Blogging live from Italy!
Hey, maybe I have the humor of an 8th grade boy. Or maybe I'm bored of soaking in so much knowledge on historical tours here in Rome. Not to rub it in, but I've actually already been to the Sistine Chapel and done the museum bit in Rome, so this second time around is a little, well, let's just say it needs some spice. So I've documented the dirty images hidden in all the gilded pomp at the Vatican!
Michaelangelo shocked the people of his day by recreating the life of Jesus and the saints on the pope's private chapel surfaces in full nude! This caused so much shock that his apprentice had to come along and paint towels over the naughty bits after he was too old to protest. Thankfully for me and my yawns, some of those naughty bits still shine through. Looks like ole Michealangelo and I have some things in common. Let's take a peek, shall we?
[Update: you'll have to skip to the gallery at the bottom of this post to see pics, but then you'll miss all my rad commentary on Pompeii. So before we get to that . . .]
KaBoom! Blowing The Lid Off Pompeii
One site I missed when I was a tube-topped, backpacking college sophomore living on my credit card in Europe was Pompeii, the site of a volcanic explosion that entombed its residents for more than 2,000 years. Here's the myth we all grew up with*. One sunny day, a town called Pompeii was alive and going about its morning when all of a sudden a volcanic mountain behind it exploded in an instant. The ash and lava stopped the residents in their tracks, killed them out of nowhere and preserved them in their very moments of death. Flash forward to semi-modern time and some archeologist fellows dusted off their city and dug them up. Now you can walk the ruins of Pompeii and see the streets and homes littered with bodies posed just as they were that fateful morning. Scared of that hill in your back yard, right?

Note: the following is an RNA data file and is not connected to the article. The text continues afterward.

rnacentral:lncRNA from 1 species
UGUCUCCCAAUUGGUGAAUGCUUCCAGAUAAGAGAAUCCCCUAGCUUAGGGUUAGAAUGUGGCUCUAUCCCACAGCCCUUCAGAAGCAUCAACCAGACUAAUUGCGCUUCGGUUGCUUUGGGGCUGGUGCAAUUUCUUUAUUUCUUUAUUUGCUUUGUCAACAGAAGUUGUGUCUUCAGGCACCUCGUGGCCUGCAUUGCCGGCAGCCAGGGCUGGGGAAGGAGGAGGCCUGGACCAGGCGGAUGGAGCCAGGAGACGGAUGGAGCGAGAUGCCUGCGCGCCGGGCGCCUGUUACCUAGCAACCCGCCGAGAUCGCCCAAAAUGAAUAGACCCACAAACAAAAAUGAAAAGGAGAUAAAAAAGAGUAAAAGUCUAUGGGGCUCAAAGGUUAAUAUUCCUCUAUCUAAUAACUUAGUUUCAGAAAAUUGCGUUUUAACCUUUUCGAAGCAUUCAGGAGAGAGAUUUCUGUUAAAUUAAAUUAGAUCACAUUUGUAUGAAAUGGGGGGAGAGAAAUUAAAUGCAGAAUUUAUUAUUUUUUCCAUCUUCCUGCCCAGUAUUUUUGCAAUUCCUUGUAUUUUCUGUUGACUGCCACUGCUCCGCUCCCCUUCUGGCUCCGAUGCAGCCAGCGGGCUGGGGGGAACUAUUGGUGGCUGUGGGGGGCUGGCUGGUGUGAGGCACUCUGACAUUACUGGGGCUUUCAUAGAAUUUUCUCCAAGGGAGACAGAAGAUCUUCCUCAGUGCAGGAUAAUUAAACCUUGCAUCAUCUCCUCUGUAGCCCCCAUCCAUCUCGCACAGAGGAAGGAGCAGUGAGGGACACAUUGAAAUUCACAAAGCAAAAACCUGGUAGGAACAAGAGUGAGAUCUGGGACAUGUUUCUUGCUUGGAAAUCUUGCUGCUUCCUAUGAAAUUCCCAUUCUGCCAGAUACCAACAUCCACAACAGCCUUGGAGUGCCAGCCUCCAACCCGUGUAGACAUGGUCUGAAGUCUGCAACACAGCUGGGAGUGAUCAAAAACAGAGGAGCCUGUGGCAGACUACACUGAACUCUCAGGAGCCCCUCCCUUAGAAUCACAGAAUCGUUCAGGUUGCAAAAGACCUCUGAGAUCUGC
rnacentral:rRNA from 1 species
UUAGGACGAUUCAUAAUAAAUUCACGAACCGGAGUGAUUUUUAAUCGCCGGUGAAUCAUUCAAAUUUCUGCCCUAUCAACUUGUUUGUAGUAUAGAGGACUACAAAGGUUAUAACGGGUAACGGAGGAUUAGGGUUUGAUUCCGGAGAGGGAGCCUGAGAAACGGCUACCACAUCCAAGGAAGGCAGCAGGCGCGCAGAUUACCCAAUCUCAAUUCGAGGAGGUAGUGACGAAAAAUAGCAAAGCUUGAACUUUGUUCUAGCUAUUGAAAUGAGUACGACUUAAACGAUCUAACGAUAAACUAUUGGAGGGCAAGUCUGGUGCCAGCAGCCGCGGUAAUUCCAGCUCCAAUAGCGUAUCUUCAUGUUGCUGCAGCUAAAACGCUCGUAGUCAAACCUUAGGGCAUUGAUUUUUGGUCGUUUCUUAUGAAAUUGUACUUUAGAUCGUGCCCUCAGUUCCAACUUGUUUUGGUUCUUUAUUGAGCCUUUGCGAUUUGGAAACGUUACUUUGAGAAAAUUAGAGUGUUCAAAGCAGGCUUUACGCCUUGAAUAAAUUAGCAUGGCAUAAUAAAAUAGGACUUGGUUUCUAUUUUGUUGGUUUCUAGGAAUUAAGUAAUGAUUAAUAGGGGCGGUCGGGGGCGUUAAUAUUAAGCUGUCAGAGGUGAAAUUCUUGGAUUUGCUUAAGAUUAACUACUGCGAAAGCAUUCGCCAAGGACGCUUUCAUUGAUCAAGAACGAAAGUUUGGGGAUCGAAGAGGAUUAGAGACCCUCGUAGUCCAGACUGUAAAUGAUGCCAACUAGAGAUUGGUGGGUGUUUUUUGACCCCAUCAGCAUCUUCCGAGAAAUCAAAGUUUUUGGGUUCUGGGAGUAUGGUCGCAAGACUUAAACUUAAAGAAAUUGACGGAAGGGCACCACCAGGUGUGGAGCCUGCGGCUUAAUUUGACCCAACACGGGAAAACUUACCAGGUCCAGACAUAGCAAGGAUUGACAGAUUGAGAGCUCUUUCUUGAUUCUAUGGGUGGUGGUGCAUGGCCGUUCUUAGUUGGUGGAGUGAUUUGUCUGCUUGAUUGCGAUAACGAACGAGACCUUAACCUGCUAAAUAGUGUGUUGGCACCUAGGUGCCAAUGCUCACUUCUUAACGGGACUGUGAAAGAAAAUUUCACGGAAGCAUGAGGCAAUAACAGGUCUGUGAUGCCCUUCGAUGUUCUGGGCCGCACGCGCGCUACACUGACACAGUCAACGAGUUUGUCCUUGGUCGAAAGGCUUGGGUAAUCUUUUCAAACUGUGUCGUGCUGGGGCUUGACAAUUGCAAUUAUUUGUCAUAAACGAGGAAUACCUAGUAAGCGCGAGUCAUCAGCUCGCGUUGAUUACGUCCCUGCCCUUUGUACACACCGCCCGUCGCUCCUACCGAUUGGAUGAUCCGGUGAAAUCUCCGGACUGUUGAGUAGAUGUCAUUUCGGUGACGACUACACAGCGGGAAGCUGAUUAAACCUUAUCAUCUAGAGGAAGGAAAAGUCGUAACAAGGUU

First, the people there had plenty of warning in the form of smoke and falling ash before the big explosion, so most of them fled or died at the beach waving for help from ships. That left only the invalid or stubborn in their homes to die after hours and hours of light ash turning into heavy ash, and finally the fatal lava. So the city today, while you may see some great half-built brick walls and even a salacious bordello (pictures later, perv) you will only see a handful of bodies frozen in time. Two, about the bodies. They are not the actual bodies of those who died in the ash nor were they left where they were discovered. They are plaster molds that filled the space left vacant by their decomposed flesh inside their lava tombs (a technicality) and they are encased in glass. Mostly the plaster molds were relocated to a nearby museum, but you can still see about three of them in the ruins.
The ruins are expansive. I'd say they are about the size of the entire Chicago Loop, so wear flats and choose sunscreen over looking cute in your Facebook photos (see: all my errors). Finally, for anyone googling day trips to Pompeii from Rome, there is a train that leaves for Naples every hour from Tremini station. Cough up the cash and take the high speed Travaitalia train, then buy a cheap ticket at the transfer at Naples and make your way to Pompeii. The return is just as easy, as trains run to Naples every half hour from Pompeii. I feel the need to put this out there because the interwebs are amuck with false information, like that there's only one train leaving at 9:00 from Rome and other such shite. You're welcome, geeks!
*If you were a nerd child interested in archaeology like me